David L Thomson
Feeding the right food
Your article about more dogs having food intolerances made me think.
As it says in your piece the rise in 'gluten-free' and 'wheat-free' food is growing among people and, it seems, they are now passing on these food choices to their dogs.
The first instinct is to think that this is the owner being a bit fussy and that give a dog something to eat they will eat it no matter what it contains.
Yet we now know more about nutrition and how canine bodies work, and it may be that dogs suffered food allergies in the past whilst their owners carried on plying them with the same old dog food.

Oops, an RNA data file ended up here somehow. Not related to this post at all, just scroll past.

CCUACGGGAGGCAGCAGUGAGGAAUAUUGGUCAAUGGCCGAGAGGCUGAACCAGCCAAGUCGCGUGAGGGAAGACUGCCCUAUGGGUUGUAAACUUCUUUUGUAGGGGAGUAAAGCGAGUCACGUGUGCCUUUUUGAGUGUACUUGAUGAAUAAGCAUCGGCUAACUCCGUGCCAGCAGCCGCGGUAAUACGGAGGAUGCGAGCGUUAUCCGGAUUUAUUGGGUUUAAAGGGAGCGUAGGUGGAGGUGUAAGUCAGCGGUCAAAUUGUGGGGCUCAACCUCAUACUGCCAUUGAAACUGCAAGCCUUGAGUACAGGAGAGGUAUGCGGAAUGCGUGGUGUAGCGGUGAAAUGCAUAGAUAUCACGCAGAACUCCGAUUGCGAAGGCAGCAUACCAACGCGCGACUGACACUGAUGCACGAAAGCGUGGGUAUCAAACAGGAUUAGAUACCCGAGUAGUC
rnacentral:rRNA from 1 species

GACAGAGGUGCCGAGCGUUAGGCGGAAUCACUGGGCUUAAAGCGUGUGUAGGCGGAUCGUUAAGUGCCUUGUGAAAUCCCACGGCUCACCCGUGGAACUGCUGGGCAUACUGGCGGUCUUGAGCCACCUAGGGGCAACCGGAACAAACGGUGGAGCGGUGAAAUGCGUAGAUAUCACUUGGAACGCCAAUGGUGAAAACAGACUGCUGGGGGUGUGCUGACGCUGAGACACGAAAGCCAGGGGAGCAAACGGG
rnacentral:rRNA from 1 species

Obviously, a dog in the wild would eat anything it could get its hands on and they would not care if it was not hypoallergenic. That does not mean that we should not make sure our dogs are eating the right food for them.
However, I do remember when I was a lad and there was no way I could be a fussy eater. You get what you're given! And if you didn't eat it you got a good hiding!